BRAINARDIt's really about investment opportunities, and you'll hear it from American businesses. They are really looking in a different way at many of the African economies that are posting some of the highest growth rates in the world. And I think the president was encouraging America more generally to look at our partnership with Africa in a fresh light as providing a real opportunity.
NNAMDIDonald Kaberuka, how did Africans respond to the president's visit, and to what extent does it point to, well, greater American support for development in Africa?
KABERUKAListen, I think the president's visit was very much around growth, trade and investment, the kind of things which now Africa consider to be the center of our relationship with the rest of the world. For far too long, Africa's economic relationship with the rest of the world was one of aid and aid dependency. Now, if your country still need aid, some aid is still necessary.
KABERUKABut I think we're moving towards a relationship, which was well defined by President Obama's visit, which is how do we fight poverty through the private sector, through investment? How does Africa itself take measures needed to expand internal economy through economic integration, economic cooperation? And so we see some of the initiatives the president launched, including one on power, as part of this momentum of sustaining African economic growth, which is good for the world.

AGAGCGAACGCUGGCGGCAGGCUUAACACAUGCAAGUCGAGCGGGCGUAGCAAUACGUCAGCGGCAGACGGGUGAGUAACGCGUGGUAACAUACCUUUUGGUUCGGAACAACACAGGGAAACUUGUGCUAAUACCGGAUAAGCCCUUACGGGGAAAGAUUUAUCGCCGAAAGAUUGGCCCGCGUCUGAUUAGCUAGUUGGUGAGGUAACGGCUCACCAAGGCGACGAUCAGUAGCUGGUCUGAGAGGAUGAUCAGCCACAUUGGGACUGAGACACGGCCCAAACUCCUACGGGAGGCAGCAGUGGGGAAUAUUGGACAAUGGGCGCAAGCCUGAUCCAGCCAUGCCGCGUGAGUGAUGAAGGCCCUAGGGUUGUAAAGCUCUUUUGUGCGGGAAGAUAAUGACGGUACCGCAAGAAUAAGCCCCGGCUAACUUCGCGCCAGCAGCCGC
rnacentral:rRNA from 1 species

NNAMDIIn case you're just joining us, that's the voice of Donald Kaberuka. He is president of the African Development Bank Group. He was minister of finance and economic planning in the Republic of Rwanda from 1997 to 2005. We're discussing the U.S., Africa and the global economy, inviting your calls at 800-433-8850. How can the United States help promote jobs and growth in Africa? 800-433-8850.